University of Maryland Upper Chesapeake Medical Center — Bel Air, Maryland

University of Maryland Upper Chesapeake Medical Center — Bel Air, MarylandLocated in Bel Air, Maryland, the Upper Chesapeake Medical Center (UCMC) serves the local community by annually providing emergency care to 4,200 patients and performing 730 surgical procedures.

UCMC’s CHP system–designed by TMR Engineering and owned by CFSG Energy & Structured Finance–includes a 2 MW Caterpillar natural gas-fired internal combustion engine and a 350-ton Broad USA absorption chiller. Heat recovered from the engine—which would otherwise be wasted—provides space heating and hot water, and powers the absorption chiller for air conditioning.

Motivated by the desire to improve patient care, UCMC chose CHP to achieve three goals: decrease operating costs, enable continued operations when grid-supplied electricity is not available, and reduce the facility’s carbon footprint.

With an operating efficiency of 75 percent, the system requires approximately 34 percent less fuel than would be used by conventional electricity and steam production, and also avoids emissions of air pollutants, including an estimated 4,700 tons of carbon dioxide annually (equal to the emissions from the generation of electricity used by more than 630 homes). The system saves the University an estimated $300,000 each year. Moreover, generating electricity on site reduces demands on the region’s transmission and distribution infrastructure.

University of Massachusetts Medical School, Worcester Campus — Worcester, Massachusetts

University of Massachusetts Medical School, Worcester Campus — Worcester, MassachusettsRecognizing the importance of highly efficient and resilient energy production, the UMass Medical School (UMMS) relies on CHP to help power its Worcester, Massachusetts campus, which hosts over 7,300 employees and 2,900 visitors daily. This Energy Star CHP Award recognizes UMMS’s third and most recent CHP expansion: the addition of a 7.5 MW natural gas-fired Solar Turbines combustion turbine generator, with the assistance of Waldron Engineering & Construction.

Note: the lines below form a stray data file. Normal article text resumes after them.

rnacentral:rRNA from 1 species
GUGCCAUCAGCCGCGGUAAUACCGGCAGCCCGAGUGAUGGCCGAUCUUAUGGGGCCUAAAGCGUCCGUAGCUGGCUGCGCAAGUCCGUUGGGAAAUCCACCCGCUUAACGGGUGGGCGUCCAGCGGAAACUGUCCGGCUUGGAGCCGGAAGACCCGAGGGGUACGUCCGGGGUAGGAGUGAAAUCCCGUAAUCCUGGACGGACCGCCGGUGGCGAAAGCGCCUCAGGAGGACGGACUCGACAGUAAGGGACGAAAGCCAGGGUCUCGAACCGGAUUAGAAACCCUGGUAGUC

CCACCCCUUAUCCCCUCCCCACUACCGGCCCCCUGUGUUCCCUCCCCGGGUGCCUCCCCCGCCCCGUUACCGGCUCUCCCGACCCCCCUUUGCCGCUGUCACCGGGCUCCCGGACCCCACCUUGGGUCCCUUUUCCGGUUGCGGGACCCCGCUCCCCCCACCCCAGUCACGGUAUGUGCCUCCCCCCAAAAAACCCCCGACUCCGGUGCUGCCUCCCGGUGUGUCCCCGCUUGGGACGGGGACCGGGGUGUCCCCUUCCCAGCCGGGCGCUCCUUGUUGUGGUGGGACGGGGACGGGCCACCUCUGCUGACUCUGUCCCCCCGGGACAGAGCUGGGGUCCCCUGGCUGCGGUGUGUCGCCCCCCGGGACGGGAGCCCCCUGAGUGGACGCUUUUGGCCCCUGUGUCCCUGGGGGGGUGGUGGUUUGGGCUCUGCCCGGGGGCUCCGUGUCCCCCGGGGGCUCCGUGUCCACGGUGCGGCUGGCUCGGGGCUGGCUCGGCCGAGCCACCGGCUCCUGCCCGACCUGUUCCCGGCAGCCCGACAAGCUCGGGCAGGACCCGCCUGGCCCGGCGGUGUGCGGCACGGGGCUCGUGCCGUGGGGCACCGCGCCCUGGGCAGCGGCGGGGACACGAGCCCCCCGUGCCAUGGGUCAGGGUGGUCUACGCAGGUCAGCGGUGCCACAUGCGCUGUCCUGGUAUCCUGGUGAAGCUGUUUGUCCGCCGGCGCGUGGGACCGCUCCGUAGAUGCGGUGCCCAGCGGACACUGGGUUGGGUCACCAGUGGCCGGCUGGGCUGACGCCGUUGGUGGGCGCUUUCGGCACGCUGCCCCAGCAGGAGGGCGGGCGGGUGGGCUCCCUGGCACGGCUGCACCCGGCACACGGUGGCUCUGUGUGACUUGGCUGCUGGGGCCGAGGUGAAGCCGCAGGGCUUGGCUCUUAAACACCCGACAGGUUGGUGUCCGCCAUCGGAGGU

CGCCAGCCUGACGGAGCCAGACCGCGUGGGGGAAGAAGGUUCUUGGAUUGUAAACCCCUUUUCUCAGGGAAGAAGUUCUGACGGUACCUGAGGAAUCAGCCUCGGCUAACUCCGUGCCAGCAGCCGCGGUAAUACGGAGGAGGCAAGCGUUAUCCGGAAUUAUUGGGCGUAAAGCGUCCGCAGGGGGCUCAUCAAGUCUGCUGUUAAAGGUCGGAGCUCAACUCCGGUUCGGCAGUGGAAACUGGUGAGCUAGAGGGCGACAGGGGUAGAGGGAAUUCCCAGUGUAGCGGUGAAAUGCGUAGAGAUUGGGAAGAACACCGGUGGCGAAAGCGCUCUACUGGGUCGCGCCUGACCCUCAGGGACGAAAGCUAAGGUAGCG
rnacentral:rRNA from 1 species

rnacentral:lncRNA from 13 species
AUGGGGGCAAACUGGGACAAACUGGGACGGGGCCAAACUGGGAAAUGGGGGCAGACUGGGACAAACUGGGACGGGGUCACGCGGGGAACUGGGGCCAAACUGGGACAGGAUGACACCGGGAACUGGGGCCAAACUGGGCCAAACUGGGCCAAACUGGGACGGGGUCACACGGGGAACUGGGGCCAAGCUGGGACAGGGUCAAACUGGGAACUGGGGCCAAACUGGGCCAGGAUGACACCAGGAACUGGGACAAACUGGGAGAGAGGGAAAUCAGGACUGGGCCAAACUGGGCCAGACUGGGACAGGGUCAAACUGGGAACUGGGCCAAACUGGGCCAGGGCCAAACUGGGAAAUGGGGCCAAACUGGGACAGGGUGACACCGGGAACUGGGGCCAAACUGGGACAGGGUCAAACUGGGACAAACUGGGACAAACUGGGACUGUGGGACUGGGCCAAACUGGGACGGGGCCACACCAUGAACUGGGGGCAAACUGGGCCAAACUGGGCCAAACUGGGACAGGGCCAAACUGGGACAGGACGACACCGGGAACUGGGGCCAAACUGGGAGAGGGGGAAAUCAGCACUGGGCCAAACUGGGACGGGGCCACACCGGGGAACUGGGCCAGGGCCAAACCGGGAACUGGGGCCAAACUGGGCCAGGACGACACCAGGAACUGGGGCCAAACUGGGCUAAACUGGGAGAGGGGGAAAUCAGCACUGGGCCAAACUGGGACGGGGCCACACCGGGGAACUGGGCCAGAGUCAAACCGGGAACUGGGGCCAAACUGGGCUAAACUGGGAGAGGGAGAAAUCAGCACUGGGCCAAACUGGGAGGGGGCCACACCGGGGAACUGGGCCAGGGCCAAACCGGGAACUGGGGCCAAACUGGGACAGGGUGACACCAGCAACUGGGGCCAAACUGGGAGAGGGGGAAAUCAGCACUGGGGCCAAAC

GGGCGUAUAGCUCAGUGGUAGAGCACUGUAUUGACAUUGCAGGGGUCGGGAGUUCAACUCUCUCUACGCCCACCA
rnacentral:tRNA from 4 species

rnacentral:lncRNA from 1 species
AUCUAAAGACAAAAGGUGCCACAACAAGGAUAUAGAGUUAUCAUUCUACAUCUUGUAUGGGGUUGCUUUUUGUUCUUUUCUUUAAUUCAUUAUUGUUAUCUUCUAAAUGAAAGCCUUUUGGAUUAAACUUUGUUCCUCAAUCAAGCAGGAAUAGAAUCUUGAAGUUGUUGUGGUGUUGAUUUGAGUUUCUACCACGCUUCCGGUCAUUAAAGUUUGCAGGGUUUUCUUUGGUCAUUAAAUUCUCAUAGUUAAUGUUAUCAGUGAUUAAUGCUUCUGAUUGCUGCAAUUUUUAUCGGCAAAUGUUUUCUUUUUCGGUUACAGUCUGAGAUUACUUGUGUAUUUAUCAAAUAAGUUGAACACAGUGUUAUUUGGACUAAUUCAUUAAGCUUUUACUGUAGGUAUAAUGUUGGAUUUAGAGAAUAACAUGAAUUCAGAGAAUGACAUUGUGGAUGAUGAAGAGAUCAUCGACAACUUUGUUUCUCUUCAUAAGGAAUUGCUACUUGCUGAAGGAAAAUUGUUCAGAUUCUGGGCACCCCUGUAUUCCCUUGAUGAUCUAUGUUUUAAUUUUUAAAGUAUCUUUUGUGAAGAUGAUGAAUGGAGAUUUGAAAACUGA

With an efficiency of 73 percent, the new CHP unit requires approximately 20 percent less fuel than conventional separate electricity and steam production. The reduced fuel use avoids emissions of more than 21,000 tons of carbon dioxide annually, equal to the emissions from the generation of electricity used by more than 2,800 homes. Moreover, by generating electricity on site, the system strengthens the regional transmission and distribution infrastructure.

The expanded power plant generates up to 90% of the campus’s electricity needs. Because the plant’s electrical output is responsible for less carbon pollution than grid-supplied electricity, the facility receives substantial payments through Massachusetts’ Alternative Portfolio Standard program with the assistance of their representative, Green Harbor Energy. The plant reduces the facility’s cost of energy services by approximately $3 million annually.